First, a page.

An article from University of Tromsø – The Arctic University of Norway

Marine geologist Katrine Husum. (Photo: UiT)
Marine geologist Katrine Husum. (Photo: UiT)

The quest for the lost climate

Microscopic traces of fossils on the seabed can help us better understand future climate change.

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University of Tromsø – The Arctic University of Norway

University of Tromsø – The Arctic University of Norway is the northernmost university of the world.

When we think of fossils, most of us think of gigantic dinosaur skeletons. However, a marine biologist will most likely think of microscopic shells, remains from recently or long dead microorganisms in the sea.

These remains fall to the seabed and contain valuable information about the climate of the past, or paleoclimate, to use the technical term.

This is what the marine biologists at the University of Tromsø and the Polar Year Project SciencePub set out to explore. New methods for reconstructing the climate of the past have been developed as a result of the research project.

Knowledge of past climate is the knowledge of naturally occurring climate change. Improved knowledge about arctic climate forms a basis for comparison which can tell us more about the current climate change caused by human activity.

The researchers embarked on five missions and returned with heavy cargo holds filled to the brim with seabed sediment samples. (Photo: UiT)
The researchers embarked on five missions and returned with heavy cargo holds filled to the brim with seabed sediment samples. (Photo: UiT)

Better tools needed

The clues about ancient climate patterns can be found in sediment cores from the seabed. And new cores are needed as Norwegian scientists can no longer rely on old Russian samples for analysing arctic conditions.

Because although the Arctic is a hot topic now, it hasn’t always been so, and many of the previous samples have turned into cold and useless clues.

So the researchers embarked on five missions and returned with heavy cargo holds filled to the brim with seabed sediment samples which, to the untrained eye, appear to be nothing but mud.

How do they do it?

Marine geologists study micro-fossil shells from zooplankton.

These animals are highly sensitive to sea temperatures, and the shells reflect this.

If there is a surplus of a certain species in a 10,000 year old core sample, and we know that this species lives in five degree seawater, there is a great probability that the sea temperature 10,000 years ago was five degrees.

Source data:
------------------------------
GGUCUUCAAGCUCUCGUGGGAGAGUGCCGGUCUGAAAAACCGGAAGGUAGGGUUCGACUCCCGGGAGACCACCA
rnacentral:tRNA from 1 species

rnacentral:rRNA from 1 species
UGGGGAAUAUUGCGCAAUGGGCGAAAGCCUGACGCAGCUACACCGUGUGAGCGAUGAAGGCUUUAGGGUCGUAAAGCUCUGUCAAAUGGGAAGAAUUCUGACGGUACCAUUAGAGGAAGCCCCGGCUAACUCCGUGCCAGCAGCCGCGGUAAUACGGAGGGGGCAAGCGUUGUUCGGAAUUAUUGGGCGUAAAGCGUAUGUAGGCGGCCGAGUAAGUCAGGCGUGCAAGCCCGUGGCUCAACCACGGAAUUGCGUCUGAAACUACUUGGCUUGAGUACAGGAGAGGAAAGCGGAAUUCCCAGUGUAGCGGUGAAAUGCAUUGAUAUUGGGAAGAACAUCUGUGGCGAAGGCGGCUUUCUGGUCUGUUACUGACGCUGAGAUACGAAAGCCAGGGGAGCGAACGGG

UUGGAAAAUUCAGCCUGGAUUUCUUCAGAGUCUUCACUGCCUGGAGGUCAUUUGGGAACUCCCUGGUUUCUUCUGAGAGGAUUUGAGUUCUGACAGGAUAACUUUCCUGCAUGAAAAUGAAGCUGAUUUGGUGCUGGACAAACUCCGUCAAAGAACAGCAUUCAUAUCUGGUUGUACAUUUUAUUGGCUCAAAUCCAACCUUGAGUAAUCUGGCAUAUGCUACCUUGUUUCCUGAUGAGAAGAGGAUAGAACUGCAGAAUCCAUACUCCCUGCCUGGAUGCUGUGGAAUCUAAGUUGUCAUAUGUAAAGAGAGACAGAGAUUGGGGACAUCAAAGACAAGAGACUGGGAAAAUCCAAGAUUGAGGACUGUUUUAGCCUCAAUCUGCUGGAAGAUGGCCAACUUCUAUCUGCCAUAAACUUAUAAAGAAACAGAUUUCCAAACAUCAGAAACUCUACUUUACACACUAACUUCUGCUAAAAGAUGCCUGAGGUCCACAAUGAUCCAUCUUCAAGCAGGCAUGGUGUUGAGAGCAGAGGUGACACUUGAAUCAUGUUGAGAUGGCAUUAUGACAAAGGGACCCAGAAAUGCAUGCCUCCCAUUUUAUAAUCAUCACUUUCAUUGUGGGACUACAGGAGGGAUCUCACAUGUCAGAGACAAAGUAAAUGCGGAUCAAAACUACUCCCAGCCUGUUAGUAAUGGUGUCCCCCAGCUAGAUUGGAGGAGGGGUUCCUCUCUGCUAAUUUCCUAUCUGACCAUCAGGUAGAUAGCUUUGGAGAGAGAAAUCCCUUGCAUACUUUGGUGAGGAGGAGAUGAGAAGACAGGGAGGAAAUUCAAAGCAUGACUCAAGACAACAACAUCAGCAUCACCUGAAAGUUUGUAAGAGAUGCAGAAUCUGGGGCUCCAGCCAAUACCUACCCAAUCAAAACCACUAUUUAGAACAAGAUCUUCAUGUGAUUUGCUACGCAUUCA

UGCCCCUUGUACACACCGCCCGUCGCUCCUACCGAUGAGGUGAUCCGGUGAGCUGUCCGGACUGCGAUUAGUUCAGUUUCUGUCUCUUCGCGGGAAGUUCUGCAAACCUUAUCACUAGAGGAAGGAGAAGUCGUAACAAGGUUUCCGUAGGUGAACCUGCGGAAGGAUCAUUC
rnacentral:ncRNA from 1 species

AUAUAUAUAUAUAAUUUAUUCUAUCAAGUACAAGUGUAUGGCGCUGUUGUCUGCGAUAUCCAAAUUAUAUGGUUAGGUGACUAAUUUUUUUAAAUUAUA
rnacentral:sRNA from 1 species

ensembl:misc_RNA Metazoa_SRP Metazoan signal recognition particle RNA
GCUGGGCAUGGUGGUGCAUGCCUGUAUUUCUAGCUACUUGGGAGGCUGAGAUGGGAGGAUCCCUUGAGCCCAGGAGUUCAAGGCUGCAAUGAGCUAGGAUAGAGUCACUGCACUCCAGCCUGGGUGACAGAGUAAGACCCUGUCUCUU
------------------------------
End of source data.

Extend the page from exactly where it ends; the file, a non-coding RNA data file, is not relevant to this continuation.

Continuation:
More specific temperature estimates can be made by looking at the chemical composition of the shells.

 

They have collected 40 sediment cores over the past two years.

"We are currently analysing material from 2007, and have already produced some good results,” says marine geologist Katrine Husum.

Scientists are looking at four different types of fossils, and four so-called geochemical parameters, one of which is the amount of magnesium in the shells.

“We badly needed to improve our tools. Previous methods simply weren’t good enough," she says.

Now they use computers to provide them with more precise methods of checking present day samples from the surface of the seabed. These are important for good comparisons of the climate in the past and the present.

80 centimeters - 20,000 years

A sediment sample can contain traces from the modern day and as far back as 20,000 years. This does not necessarily mean that you have to drill deep to get to the oldest traces.

Some of the sediment cores are no deeper than 80 centimetres.

According to Husum, they can retrieve from 2,000 to 20,000 years of history.  It all depends on how much sediment is deposited in the sea.

"If little is deposited, the sediments will be older. In other areas, the deposits are greater. There the scientists find more information, but they cover a shorter period of time,” says Husum.

The past 2,000 years in the Fram Strait

The number of cores is not important either. 

“The most important thing is to be where the action is, including movements in the sea,” says Husum.

One of the sites with the most action is the Fram Strait, where the Gulf Stream is at its most complex.

Warm, relatively salty water from  the Atlantic runs through this narrow sound and into the Arctic Sea along the west coast of Spitsbergen. At the same time, cold and mostly fresh water runs out from the Arctic Sea along the east coast of Greenland.

Research fellow Katarzyna Zamelczyk has used sediments from representative locations in these two areas to investigate climate changes over the past 2,000 years. She is looking for so-called foram fossils, which are a type of plankton.

“Between 800 and 1400 AD we see a decrease in species which prefer the cold, and a slight increase in species which prefers warmth,” says Zamelczyk.

This period is also known as the Medieval Warm Period.

And Zamelczyk has found that these species follow a number of intervals: the Roman Warm Period, the Little Ice Age and not least the increased global warming of the past century.

“The sediments from the Fram Strait illustrate global, not just regional, changes,” she says.

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